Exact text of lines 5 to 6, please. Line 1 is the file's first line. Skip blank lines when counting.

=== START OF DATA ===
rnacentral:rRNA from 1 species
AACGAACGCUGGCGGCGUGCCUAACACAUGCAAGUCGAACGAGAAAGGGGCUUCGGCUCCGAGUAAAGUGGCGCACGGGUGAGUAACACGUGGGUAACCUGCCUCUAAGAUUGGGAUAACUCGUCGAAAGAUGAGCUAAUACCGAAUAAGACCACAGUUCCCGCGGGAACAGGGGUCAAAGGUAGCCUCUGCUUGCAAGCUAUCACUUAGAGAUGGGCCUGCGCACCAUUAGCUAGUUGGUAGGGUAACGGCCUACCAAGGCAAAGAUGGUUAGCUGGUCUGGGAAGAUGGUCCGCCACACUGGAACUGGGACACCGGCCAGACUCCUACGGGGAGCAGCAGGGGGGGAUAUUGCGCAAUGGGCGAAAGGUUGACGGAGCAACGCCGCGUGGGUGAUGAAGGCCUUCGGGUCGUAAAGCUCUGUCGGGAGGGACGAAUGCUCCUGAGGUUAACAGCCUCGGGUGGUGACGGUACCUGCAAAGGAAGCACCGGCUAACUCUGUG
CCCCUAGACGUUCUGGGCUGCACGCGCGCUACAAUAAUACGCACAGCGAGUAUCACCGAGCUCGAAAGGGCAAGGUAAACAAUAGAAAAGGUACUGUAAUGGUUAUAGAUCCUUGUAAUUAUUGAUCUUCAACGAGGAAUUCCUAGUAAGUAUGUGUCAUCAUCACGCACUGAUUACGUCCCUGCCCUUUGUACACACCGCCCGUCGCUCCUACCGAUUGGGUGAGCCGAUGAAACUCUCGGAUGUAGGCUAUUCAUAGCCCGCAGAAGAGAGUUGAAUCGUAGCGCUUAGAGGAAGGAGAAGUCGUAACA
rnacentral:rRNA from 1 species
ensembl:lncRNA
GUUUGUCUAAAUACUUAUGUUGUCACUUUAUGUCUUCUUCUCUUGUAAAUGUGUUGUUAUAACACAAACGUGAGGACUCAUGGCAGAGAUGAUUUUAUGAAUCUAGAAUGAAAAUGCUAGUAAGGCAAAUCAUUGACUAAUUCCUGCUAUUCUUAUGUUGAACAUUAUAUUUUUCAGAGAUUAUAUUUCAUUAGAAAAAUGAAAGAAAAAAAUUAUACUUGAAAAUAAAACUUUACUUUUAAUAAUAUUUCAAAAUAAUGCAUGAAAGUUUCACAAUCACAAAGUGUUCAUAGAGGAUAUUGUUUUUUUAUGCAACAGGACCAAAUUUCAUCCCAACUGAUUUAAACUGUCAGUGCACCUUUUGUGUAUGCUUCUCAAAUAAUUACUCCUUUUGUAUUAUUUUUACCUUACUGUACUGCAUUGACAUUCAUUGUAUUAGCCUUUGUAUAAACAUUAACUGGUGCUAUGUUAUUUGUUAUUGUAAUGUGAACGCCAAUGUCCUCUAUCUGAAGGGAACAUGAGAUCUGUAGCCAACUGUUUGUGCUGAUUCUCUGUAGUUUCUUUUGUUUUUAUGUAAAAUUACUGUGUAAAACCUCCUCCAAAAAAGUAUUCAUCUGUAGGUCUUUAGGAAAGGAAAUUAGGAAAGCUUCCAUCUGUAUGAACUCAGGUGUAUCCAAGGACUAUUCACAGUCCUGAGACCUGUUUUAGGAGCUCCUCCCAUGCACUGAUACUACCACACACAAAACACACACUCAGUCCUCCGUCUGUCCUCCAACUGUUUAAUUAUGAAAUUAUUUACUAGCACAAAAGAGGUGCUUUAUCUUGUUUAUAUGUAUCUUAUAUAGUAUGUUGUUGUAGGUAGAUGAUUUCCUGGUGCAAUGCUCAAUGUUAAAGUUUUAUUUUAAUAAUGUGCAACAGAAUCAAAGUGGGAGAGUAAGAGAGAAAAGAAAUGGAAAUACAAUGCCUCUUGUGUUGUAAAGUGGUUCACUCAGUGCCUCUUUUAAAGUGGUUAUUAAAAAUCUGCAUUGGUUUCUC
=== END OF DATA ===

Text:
ensembl:lncRNA
GUUUGUCUAAAUACUUAUGUUGUCACUUUAUGUCUUCUUCUCUUGUAAAUGUGUUGUUAUAACACAAACGUGAGGACUCAUGGCAGAGAUGAUUUUAUGAAUCUAGAAUGAAAAUGCUAGUAAGGCAAAUCAUUGACUAAUUCCUGCUAUUCUUAUGUUGAACAUUAUAUUUUUCAGAGAUUAUAUUUCAUUAGAAAAAUGAAAGAAAAAAAUUAUACUUGAAAAUAAAACUUUACUUUUAAUAAUAUUUCAAAAUAAUGCAUGAAAGUUUCACAAUCACAAAGUGUUCAUAGAGGAUAUUGUUUUUUUAUGCAACAGGACCAAAUUUCAUCCCAACUGAUUUAAACUGUCAGUGCACCUUUUGUGUAUGCUUCUCAAAUAAUUACUCCUUUUGUAUUAUUUUUACCUUACUGUACUGCAUUGACAUUCAUUGUAUUAGCCUUUGUAUAAACAUUAACUGGUGCUAUGUUAUUUGUUAUUGUAAUGUGAACGCCAAUGUCCUCUAUCUGAAGGGAACAUGAGAUCUGUAGCCAACUGUUUGUGCUGAUUCUCUGUAGUUUCUUUUGUUUUUAUGUAAAAUUACUGUGUAAAACCUCCUCCAAAAAAGUAUUCAUCUGUAGGUCUUUAGGAAAGGAAAUUAGGAAAGCUUCCAUCUGUAUGAACUCAGGUGUAUCCAAGGACUAUUCACAGUCCUGAGACCUGUUUUAGGAGCUCCUCCCAUGCACUGAUACUACCACACACAAAACACACACUCAGUCCUCCGUCUGUCCUCCAACUGUUUAAUUAUGAAAUUAUUUACUAGCACAAAAGAGGUGCUUUAUCUUGUUUAUAUGUAUCUUAUAUAGUAUGUUGUUGUAGGUAGAUGAUUUCCUGGUGCAAUGCUCAAUGUUAAAGUUUUAUUUUAAUAAUGUGCAACAGAAUCAAAGUGGGAGAGUAAGAGAGAAAAGAAAUGGAAAUACAAUGCCUCUUGUGUUGUAAAGUGGUUCACUCAGUGCCUCUUUUAAAGUGGUUAUUAAAAAUCUGCAUUGGUUUCUC